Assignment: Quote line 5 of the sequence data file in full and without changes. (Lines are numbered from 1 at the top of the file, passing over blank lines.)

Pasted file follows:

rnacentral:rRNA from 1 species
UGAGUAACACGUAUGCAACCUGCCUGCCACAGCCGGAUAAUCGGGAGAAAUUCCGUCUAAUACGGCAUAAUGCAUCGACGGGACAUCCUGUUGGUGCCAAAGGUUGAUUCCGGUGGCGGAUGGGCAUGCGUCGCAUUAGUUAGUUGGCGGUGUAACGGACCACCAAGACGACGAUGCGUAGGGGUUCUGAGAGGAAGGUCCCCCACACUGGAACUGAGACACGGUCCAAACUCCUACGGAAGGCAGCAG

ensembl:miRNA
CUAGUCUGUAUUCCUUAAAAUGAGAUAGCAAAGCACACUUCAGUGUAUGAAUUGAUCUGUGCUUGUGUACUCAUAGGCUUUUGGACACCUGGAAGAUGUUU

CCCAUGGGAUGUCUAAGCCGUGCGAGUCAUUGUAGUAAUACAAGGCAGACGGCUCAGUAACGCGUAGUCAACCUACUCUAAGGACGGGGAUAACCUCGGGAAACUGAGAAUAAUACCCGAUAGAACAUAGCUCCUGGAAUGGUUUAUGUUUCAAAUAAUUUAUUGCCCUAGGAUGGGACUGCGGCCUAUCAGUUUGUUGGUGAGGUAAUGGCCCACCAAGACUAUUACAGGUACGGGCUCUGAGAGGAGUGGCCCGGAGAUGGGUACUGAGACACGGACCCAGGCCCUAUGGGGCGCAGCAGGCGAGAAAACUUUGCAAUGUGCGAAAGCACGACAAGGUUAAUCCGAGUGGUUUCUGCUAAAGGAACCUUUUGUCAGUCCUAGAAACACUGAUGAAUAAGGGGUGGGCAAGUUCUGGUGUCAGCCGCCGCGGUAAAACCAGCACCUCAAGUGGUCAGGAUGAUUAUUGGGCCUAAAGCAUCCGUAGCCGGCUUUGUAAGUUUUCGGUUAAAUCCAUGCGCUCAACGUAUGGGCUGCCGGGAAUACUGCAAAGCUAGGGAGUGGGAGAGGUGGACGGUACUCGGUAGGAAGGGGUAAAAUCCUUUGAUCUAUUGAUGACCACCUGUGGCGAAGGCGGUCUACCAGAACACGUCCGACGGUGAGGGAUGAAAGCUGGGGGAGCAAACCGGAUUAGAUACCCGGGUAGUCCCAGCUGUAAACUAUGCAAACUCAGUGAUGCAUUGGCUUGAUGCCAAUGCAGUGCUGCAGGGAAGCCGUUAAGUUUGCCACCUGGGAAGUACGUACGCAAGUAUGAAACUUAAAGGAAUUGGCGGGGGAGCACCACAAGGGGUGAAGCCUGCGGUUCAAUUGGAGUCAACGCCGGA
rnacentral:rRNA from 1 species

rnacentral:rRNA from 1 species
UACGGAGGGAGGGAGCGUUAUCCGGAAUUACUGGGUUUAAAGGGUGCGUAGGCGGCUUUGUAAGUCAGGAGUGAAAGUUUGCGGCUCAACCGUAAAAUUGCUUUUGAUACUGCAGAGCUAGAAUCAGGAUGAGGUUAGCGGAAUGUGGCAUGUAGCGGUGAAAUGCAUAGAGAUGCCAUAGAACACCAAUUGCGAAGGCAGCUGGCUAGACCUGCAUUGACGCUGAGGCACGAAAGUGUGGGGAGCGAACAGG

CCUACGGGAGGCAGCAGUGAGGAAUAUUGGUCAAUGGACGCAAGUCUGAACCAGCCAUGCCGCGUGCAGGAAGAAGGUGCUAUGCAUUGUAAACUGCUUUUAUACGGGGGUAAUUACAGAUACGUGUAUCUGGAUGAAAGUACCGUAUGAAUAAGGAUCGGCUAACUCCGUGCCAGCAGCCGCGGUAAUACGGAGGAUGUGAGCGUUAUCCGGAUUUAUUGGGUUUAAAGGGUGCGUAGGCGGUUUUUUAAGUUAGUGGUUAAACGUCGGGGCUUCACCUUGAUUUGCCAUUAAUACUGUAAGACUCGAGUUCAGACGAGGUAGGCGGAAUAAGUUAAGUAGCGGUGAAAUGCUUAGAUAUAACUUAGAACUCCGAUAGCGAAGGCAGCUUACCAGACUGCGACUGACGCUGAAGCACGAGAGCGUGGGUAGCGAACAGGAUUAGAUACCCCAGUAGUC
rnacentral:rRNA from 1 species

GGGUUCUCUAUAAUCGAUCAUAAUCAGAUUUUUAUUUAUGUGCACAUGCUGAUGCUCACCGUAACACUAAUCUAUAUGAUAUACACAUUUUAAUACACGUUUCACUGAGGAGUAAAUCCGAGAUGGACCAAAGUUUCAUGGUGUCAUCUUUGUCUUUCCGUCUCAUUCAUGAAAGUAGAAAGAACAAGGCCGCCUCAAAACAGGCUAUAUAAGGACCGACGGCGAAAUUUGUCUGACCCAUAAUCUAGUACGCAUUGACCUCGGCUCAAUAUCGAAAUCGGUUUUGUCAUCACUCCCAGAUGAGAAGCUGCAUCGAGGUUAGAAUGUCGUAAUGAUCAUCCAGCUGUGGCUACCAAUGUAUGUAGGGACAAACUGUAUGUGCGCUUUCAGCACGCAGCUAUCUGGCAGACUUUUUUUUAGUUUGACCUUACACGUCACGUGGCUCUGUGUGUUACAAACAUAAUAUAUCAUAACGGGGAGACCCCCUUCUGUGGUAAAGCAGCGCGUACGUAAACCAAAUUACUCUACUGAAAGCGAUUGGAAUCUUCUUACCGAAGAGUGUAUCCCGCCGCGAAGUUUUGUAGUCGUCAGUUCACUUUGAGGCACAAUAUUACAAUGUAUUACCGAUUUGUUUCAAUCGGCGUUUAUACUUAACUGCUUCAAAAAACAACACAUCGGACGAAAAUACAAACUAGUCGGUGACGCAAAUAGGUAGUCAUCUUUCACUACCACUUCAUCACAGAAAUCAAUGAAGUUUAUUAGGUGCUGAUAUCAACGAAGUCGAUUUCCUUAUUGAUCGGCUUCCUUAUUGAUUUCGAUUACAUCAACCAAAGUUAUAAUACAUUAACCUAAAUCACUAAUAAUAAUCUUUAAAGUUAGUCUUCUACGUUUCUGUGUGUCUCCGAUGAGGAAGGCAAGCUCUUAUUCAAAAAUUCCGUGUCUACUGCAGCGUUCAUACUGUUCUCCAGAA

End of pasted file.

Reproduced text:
CCCAUGGGAUGUCUAAGCCGUGCGAGUCAUUGUAGUAAUACAAGGCAGACGGCUCAGUAACGCGUAGUCAACCUACUCUAAGGACGGGGAUAACCUCGGGAAACUGAGAAUAAUACCCGAUAGAACAUAGCUCCUGGAAUGGUUUAUGUUUCAAAUAAUUUAUUGCCCUAGGAUGGGACUGCGGCCUAUCAGUUUGUUGGUGAGGUAAUGGCCCACCAAGACUAUUACAGGUACGGGCUCUGAGAGGAGUGGCCCGGAGAUGGGUACUGAGACACGGACCCAGGCCCUAUGGGGCGCAGCAGGCGAGAAAACUUUGCAAUGUGCGAAAGCACGACAAGGUUAAUCCGAGUGGUUUCUGCUAAAGGAACCUUUUGUCAGUCCUAGAAACACUGAUGAAUAAGGGGUGGGCAAGUUCUGGUGUCAGCCGCCGCGGUAAAACCAGCACCUCAAGUGGUCAGGAUGAUUAUUGGGCCUAAAGCAUCCGUAGCCGGCUUUGUAAGUUUUCGGUUAAAUCCAUGCGCUCAACGUAUGGGCUGCCGGGAAUACUGCAAAGCUAGGGAGUGGGAGAGGUGGACGGUACUCGGUAGGAAGGGGUAAAAUCCUUUGAUCUAUUGAUGACCACCUGUGGCGAAGGCGGUCUACCAGAACACGUCCGACGGUGAGGGAUGAAAGCUGGGGGAGCAAACCGGAUUAGAUACCCGGGUAGUCCCAGCUGUAAACUAUGCAAACUCAGUGAUGCAUUGGCUUGAUGCCAAUGCAGUGCUGCAGGGAAGCCGUUAAGUUUGCCACCUGGGAAGUACGUACGCAAGUAUGAAACUUAAAGGAAUUGGCGGGGGAGCACCACAAGGGGUGAAGCCUGCGGUUCAAUUGGAGUCAACGCCGGA